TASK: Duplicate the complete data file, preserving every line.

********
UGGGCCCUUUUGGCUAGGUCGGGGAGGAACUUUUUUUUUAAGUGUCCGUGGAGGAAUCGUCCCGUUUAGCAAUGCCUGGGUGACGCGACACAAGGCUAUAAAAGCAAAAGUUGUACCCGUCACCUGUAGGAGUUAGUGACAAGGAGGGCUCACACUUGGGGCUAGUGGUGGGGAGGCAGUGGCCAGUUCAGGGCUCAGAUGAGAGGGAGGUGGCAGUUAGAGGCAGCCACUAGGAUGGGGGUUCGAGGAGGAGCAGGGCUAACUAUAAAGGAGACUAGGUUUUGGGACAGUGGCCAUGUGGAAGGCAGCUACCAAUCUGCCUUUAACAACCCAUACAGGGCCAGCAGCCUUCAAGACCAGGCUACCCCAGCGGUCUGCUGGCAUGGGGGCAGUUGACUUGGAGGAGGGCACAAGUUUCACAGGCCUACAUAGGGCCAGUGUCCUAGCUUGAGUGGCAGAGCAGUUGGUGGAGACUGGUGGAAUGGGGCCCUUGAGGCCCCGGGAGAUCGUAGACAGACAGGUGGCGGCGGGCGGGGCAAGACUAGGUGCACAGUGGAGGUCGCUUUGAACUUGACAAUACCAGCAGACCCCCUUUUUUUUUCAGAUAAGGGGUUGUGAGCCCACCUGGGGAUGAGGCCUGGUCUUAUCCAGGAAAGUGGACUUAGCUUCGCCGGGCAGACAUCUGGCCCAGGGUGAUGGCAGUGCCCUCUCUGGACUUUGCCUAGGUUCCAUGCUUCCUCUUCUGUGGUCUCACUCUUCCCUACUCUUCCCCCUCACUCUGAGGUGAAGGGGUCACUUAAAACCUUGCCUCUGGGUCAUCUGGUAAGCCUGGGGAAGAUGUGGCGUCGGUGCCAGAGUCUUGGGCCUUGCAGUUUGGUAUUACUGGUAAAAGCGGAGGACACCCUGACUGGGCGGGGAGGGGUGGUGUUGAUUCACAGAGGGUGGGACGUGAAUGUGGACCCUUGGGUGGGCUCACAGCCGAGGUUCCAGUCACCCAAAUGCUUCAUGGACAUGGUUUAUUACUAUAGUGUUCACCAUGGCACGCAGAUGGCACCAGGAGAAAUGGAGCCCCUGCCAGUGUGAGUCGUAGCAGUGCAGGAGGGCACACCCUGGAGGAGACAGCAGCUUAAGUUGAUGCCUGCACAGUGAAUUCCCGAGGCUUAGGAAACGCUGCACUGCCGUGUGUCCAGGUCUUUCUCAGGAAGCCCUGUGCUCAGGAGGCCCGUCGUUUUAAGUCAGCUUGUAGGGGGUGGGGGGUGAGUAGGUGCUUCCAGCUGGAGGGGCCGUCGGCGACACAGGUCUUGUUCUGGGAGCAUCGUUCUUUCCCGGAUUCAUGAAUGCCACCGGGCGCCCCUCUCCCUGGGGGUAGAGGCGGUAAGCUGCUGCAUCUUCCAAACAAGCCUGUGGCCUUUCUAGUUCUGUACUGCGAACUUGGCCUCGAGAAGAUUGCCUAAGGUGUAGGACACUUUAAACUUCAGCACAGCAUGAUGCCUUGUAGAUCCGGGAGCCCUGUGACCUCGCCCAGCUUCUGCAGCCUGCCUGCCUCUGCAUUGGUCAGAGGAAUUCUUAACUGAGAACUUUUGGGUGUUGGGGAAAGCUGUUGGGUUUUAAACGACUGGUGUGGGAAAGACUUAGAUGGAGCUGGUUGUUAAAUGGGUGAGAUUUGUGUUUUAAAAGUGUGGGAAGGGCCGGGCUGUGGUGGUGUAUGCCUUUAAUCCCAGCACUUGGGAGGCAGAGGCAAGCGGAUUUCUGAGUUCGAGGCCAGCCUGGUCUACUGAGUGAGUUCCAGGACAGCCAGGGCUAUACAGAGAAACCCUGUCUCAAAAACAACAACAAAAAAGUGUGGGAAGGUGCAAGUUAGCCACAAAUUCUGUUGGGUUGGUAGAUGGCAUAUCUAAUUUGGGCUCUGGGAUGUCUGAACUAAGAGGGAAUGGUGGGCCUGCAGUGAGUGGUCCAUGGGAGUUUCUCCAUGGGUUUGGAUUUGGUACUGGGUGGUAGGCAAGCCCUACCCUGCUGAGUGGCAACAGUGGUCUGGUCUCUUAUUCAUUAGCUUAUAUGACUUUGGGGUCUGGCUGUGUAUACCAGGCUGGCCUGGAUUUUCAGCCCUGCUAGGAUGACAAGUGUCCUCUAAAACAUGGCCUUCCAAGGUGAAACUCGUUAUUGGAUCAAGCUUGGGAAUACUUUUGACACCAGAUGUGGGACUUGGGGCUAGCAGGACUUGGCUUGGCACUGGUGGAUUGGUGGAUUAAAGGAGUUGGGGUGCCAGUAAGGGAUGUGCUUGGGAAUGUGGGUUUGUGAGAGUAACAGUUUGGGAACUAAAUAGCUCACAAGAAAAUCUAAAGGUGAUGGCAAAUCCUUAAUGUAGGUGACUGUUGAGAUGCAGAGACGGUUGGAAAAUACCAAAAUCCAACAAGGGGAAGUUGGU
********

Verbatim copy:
UGGGCCCUUUUGGCUAGGUCGGGGAGGAACUUUUUUUUUAAGUGUCCGUGGAGGAAUCGUCCCGUUUAGCAAUGCCUGGGUGACGCGACACAAGGCUAUAAAAGCAAAAGUUGUACCCGUCACCUGUAGGAGUUAGUGACAAGGAGGGCUCACACUUGGGGCUAGUGGUGGGGAGGCAGUGGCCAGUUCAGGGCUCAGAUGAGAGGGAGGUGGCAGUUAGAGGCAGCCACUAGGAUGGGGGUUCGAGGAGGAGCAGGGCUAACUAUAAAGGAGACUAGGUUUUGGGACAGUGGCCAUGUGGAAGGCAGCUACCAAUCUGCCUUUAACAACCCAUACAGGGCCAGCAGCCUUCAAGACCAGGCUACCCCAGCGGUCUGCUGGCAUGGGGGCAGUUGACUUGGAGGAGGGCACAAGUUUCACAGGCCUACAUAGGGCCAGUGUCCUAGCUUGAGUGGCAGAGCAGUUGGUGGAGACUGGUGGAAUGGGGCCCUUGAGGCCCCGGGAGAUCGUAGACAGACAGGUGGCGGCGGGCGGGGCAAGACUAGGUGCACAGUGGAGGUCGCUUUGAACUUGACAAUACCAGCAGACCCCCUUUUUUUUUCAGAUAAGGGGUUGUGAGCCCACCUGGGGAUGAGGCCUGGUCUUAUCCAGGAAAGUGGACUUAGCUUCGCCGGGCAGACAUCUGGCCCAGGGUGAUGGCAGUGCCCUCUCUGGACUUUGCCUAGGUUCCAUGCUUCCUCUUCUGUGGUCUCACUCUUCCCUACUCUUCCCCCUCACUCUGAGGUGAAGGGGUCACUUAAAACCUUGCCUCUGGGUCAUCUGGUAAGCCUGGGGAAGAUGUGGCGUCGGUGCCAGAGUCUUGGGCCUUGCAGUUUGGUAUUACUGGUAAAAGCGGAGGACACCCUGACUGGGCGGGGAGGGGUGGUGUUGAUUCACAGAGGGUGGGACGUGAAUGUGGACCCUUGGGUGGGCUCACAGCCGAGGUUCCAGUCACCCAAAUGCUUCAUGGACAUGGUUUAUUACUAUAGUGUUCACCAUGGCACGCAGAUGGCACCAGGAGAAAUGGAGCCCCUGCCAGUGUGAGUCGUAGCAGUGCAGGAGGGCACACCCUGGAGGAGACAGCAGCUUAAGUUGAUGCCUGCACAGUGAAUUCCCGAGGCUUAGGAAACGCUGCACUGCCGUGUGUCCAGGUCUUUCUCAGGAAGCCCUGUGCUCAGGAGGCCCGUCGUUUUAAGUCAGCUUGUAGGGGGUGGGGGGUGAGUAGGUGCUUCCAGCUGGAGGGGCCGUCGGCGACACAGGUCUUGUUCUGGGAGCAUCGUUCUUUCCCGGAUUCAUGAAUGCCACCGGGCGCCCCUCUCCCUGGGGGUAGAGGCGGUAAGCUGCUGCAUCUUCCAAACAAGCCUGUGGCCUUUCUAGUUCUGUACUGCGAACUUGGCCUCGAGAAGAUUGCCUAAGGUGUAGGACACUUUAAACUUCAGCACAGCAUGAUGCCUUGUAGAUCCGGGAGCCCUGUGACCUCGCCCAGCUUCUGCAGCCUGCCUGCCUCUGCAUUGGUCAGAGGAAUUCUUAACUGAGAACUUUUGGGUGUUGGGGAAAGCUGUUGGGUUUUAAACGACUGGUGUGGGAAAGACUUAGAUGGAGCUGGUUGUUAAAUGGGUGAGAUUUGUGUUUUAAAAGUGUGGGAAGGGCCGGGCUGUGGUGGUGUAUGCCUUUAAUCCCAGCACUUGGGAGGCAGAGGCAAGCGGAUUUCUGAGUUCGAGGCCAGCCUGGUCUACUGAGUGAGUUCCAGGACAGCCAGGGCUAUACAGAGAAACCCUGUCUCAAAAACAACAACAAAAAAGUGUGGGAAGGUGCAAGUUAGCCACAAAUUCUGUUGGGUUGGUAGAUGGCAUAUCUAAUUUGGGCUCUGGGAUGUCUGAACUAAGAGGGAAUGGUGGGCCUGCAGUGAGUGGUCCAUGGGAGUUUCUCCAUGGGUUUGGAUUUGGUACUGGGUGGUAGGCAAGCCCUACCCUGCUGAGUGGCAACAGUGGUCUGGUCUCUUAUUCAUUAGCUUAUAUGACUUUGGGGUCUGGCUGUGUAUACCAGGCUGGCCUGGAUUUUCAGCCCUGCUAGGAUGACAAGUGUCCUCUAAAACAUGGCCUUCCAAGGUGAAACUCGUUAUUGGAUCAAGCUUGGGAAUACUUUUGACACCAGAUGUGGGACUUGGGGCUAGCAGGACUUGGCUUGGCACUGGUGGAUUGGUGGAUUAAAGGAGUUGGGGUGCCAGUAAGGGAUGUGCUUGGGAAUGUGGGUUUGUGAGAGUAACAGUUUGGGAACUAAAUAGCUCACAAGAAAAUCUAAAGGUGAUGGCAAAUCCUUAAUGUAGGUGACUGUUGAGAUGCAGAGACGGUUGGAAAAUACCAAAAUCCAACAAGGGGAAGUUGGU